Can I Get Social Security Disability for Restless Leg Syndrome?

Restless leg syndrome alone rarely qualifies for disability benefits. But if you fall asleep during the day due to RLS or PLMS, you may be able to get benefits.

By , J.D. · University of Virginia School of Law
Updated 3/04/2024

Those who suffer from restless leg syndrome (RLS) feel odd sensations in their arms or legs and have uncontrollable urges to move to relieve the feelings. RLS is a neurological disorder that's been linked to various other medical problems, such as:

For some, restless leg syndrome worsens over time, while others experience remissions (periods of no symptoms). Severe RLS can cause symptoms like weakness, incontinence, temporary leg paralysis, and chronic pain. In addition, some of the drugs used to treat RLS can cause side effects.

To get Social Security Disability Insurance (SSDI) or Supplemental Security Income (SSI) disability benefits for restless leg syndrome, you'll need to work your way through the disability determination process.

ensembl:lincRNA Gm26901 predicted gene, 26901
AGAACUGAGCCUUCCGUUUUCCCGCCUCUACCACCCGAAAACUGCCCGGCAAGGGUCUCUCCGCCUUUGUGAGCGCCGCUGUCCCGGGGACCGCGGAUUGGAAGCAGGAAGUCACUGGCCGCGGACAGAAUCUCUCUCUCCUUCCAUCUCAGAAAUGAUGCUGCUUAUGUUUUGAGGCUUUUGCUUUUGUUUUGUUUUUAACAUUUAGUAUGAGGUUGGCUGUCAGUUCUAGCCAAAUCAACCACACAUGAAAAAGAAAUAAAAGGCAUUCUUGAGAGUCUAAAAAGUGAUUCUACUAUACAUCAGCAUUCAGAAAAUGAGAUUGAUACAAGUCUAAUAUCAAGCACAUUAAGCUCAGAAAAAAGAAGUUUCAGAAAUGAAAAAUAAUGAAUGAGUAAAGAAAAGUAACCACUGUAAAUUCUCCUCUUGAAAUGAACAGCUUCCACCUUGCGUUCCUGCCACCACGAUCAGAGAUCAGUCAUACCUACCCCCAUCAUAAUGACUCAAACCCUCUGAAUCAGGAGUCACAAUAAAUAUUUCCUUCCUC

Is Restless Leg Syndrome a Disability?

Restless leg syndrome isn't included in Social Security's list of impairments. But that doesn't mean you can't get SSDI or SSI based on RLS. Many people with medical conditions that aren't listed still qualify for disability benefits. Under Social Security rules, a severe, medically determinable impairment (see below) that prevents you from working is a disability.

But you aren't likely to qualify for Social Security disability benefits unless you have a severe case of RLS. Moderate or intermittent RLS won't meet Social Security's requirement that your condition significantly limits your ability to work for at least 12 months.

The Americans with Disabilities Act (ADA) uses a different definition of disability. And the ADA doesn't have a list of conditions that qualify as disabilities. Instead, the law defines a disability as a physical or mental impairment that substantially limits one or more major life activities. (29 C.F.R. § 1630.2(g).) Sleeping and concentrating are examples of major life activities, so if RLS substantially limits your ability to sleep or concentrate, it qualifies as a disability under the ADA.

Learn more about your protections under the ADA.

Is RLS a Severe, Medically Determinable Impairment?